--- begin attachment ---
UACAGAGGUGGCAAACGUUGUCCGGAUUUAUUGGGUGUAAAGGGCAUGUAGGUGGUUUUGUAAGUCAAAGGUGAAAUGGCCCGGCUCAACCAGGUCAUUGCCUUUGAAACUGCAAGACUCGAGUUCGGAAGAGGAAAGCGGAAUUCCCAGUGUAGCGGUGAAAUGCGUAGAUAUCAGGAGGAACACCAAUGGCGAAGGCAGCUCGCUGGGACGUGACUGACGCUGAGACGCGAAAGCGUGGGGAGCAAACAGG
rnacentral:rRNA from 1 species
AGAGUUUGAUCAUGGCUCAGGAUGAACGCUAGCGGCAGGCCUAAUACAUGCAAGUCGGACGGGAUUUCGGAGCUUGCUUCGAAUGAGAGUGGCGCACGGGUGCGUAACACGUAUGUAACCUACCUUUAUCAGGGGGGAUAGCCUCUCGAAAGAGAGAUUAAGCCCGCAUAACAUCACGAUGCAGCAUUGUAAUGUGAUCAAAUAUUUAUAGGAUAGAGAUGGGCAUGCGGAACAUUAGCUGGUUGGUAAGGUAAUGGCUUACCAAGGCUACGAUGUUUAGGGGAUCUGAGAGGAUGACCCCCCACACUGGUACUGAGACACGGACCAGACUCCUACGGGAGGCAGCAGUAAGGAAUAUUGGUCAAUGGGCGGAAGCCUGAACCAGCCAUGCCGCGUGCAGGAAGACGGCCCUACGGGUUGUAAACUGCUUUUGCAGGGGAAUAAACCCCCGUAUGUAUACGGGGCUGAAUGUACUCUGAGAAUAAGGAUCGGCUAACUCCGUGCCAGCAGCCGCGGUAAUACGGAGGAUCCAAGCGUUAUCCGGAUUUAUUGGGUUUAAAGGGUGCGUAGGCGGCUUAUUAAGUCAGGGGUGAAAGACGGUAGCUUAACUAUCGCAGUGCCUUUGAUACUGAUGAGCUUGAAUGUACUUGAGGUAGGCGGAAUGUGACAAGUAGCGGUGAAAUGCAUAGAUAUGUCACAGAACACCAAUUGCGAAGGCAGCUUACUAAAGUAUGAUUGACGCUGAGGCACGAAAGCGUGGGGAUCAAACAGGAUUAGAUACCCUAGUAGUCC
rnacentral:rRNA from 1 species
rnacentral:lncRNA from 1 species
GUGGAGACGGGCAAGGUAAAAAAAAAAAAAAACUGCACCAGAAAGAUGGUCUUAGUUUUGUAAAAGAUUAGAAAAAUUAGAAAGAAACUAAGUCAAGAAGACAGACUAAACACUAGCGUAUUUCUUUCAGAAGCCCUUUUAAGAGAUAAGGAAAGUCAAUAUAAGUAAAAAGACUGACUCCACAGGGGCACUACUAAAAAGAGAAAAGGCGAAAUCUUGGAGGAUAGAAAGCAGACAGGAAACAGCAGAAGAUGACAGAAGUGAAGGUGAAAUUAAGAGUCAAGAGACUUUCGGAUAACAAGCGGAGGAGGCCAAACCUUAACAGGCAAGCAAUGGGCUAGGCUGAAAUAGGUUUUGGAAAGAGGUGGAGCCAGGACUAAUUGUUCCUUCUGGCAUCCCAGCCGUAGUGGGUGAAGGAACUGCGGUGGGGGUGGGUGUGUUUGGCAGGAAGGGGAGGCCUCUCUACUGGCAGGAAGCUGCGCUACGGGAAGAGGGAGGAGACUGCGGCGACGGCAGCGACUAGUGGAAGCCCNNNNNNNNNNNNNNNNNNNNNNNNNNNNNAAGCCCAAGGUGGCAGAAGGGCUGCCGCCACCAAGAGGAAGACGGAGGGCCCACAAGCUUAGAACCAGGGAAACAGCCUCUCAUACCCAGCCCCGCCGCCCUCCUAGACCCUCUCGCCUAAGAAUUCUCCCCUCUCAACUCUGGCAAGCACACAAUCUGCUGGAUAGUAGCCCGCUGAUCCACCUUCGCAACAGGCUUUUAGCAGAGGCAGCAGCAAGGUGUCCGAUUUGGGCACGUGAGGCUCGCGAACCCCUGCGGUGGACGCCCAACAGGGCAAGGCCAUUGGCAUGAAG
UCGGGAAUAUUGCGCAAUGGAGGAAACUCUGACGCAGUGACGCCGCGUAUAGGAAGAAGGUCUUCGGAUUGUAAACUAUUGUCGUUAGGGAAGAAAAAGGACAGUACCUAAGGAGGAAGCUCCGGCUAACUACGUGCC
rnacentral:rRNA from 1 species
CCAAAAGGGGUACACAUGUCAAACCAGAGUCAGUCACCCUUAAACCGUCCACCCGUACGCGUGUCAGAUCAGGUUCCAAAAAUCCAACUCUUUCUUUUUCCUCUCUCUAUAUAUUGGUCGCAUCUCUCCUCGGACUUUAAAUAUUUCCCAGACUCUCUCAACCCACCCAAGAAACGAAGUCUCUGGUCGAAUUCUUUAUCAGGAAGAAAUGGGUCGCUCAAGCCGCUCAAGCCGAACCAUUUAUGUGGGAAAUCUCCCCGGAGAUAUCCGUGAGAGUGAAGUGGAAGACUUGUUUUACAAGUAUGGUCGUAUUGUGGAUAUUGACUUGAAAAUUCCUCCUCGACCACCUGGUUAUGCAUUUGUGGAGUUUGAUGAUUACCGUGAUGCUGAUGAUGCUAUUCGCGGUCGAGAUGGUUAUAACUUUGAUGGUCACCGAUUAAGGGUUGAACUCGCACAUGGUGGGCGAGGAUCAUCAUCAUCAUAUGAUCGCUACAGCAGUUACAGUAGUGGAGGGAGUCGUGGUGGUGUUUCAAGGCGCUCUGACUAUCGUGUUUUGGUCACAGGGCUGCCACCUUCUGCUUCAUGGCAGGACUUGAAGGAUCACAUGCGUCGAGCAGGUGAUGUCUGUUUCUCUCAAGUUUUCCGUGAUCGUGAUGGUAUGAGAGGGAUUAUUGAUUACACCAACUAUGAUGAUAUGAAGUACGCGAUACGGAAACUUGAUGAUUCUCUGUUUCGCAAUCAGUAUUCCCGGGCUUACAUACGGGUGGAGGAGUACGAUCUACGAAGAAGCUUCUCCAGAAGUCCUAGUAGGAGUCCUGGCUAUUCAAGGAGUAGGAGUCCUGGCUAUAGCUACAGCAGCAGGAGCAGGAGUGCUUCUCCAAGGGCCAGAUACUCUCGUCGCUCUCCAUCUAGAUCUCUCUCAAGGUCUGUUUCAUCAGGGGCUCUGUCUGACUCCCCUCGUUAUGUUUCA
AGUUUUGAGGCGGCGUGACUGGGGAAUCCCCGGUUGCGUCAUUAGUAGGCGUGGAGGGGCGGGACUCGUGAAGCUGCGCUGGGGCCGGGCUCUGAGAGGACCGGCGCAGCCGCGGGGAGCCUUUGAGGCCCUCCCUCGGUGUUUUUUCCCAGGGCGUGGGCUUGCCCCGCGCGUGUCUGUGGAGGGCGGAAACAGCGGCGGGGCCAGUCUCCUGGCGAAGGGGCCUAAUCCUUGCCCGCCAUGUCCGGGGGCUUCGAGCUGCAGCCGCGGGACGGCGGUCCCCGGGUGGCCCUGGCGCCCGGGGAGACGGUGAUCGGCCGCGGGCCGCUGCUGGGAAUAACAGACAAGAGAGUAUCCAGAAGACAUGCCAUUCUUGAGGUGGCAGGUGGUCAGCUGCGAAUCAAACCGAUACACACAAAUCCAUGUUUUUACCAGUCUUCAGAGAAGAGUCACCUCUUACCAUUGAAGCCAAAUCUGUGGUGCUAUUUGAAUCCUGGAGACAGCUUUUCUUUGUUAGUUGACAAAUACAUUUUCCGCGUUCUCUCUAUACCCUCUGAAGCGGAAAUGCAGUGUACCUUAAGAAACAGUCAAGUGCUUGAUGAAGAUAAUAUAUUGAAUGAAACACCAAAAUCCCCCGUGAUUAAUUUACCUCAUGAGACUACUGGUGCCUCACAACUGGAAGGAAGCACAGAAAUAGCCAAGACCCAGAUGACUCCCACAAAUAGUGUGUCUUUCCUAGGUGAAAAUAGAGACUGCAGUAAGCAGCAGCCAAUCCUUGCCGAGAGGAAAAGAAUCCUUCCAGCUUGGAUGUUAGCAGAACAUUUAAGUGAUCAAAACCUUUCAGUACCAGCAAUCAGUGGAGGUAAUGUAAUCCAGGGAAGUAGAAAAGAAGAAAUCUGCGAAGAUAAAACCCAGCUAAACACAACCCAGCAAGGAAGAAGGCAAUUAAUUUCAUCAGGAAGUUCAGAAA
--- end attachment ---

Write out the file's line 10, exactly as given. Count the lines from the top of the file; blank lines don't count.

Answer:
AGUUUUGAGGCGGCGUGACUGGGGAAUCCCCGGUUGCGUCAUUAGUAGGCGUGGAGGGGCGGGACUCGUGAAGCUGCGCUGGGGCCGGGCUCUGAGAGGACCGGCGCAGCCGCGGGGAGCCUUUGAGGCCCUCCCUCGGUGUUUUUUCCCAGGGCGUGGGCUUGCCCCGCGCGUGUCUGUGGAGGGCGGAAACAGCGGCGGGGCCAGUCUCCUGGCGAAGGGGCCUAAUCCUUGCCCGCCAUGUCCGGGGGCUUCGAGCUGCAGCCGCGGGACGGCGGUCCCCGGGUGGCCCUGGCGCCCGGGGAGACGGUGAUCGGCCGCGGGCCGCUGCUGGGAAUAACAGACAAGAGAGUAUCCAGAAGACAUGCCAUUCUUGAGGUGGCAGGUGGUCAGCUGCGAAUCAAACCGAUACACACAAAUCCAUGUUUUUACCAGUCUUCAGAGAAGAGUCACCUCUUACCAUUGAAGCCAAAUCUGUGGUGCUAUUUGAAUCCUGGAGACAGCUUUUCUUUGUUAGUUGACAAAUACAUUUUCCGCGUUCUCUCUAUACCCUCUGAAGCGGAAAUGCAGUGUACCUUAAGAAACAGUCAAGUGCUUGAUGAAGAUAAUAUAUUGAAUGAAACACCAAAAUCCCCCGUGAUUAAUUUACCUCAUGAGACUACUGGUGCCUCACAACUGGAAGGAAGCACAGAAAUAGCCAAGACCCAGAUGACUCCCACAAAUAGUGUGUCUUUCCUAGGUGAAAAUAGAGACUGCAGUAAGCAGCAGCCAAUCCUUGCCGAGAGGAAAAGAAUCCUUCCAGCUUGGAUGUUAGCAGAACAUUUAAGUGAUCAAAACCUUUCAGUACCAGCAAUCAGUGGAGGUAAUGUAAUCCAGGGAAGUAGAAAAGAAGAAAUCUGCGAAGAUAAAACCCAGCUAAACACAACCCAGCAAGGAAGAAGGCAAUUAAUUUCAUCAGGAAGUUCAGAAA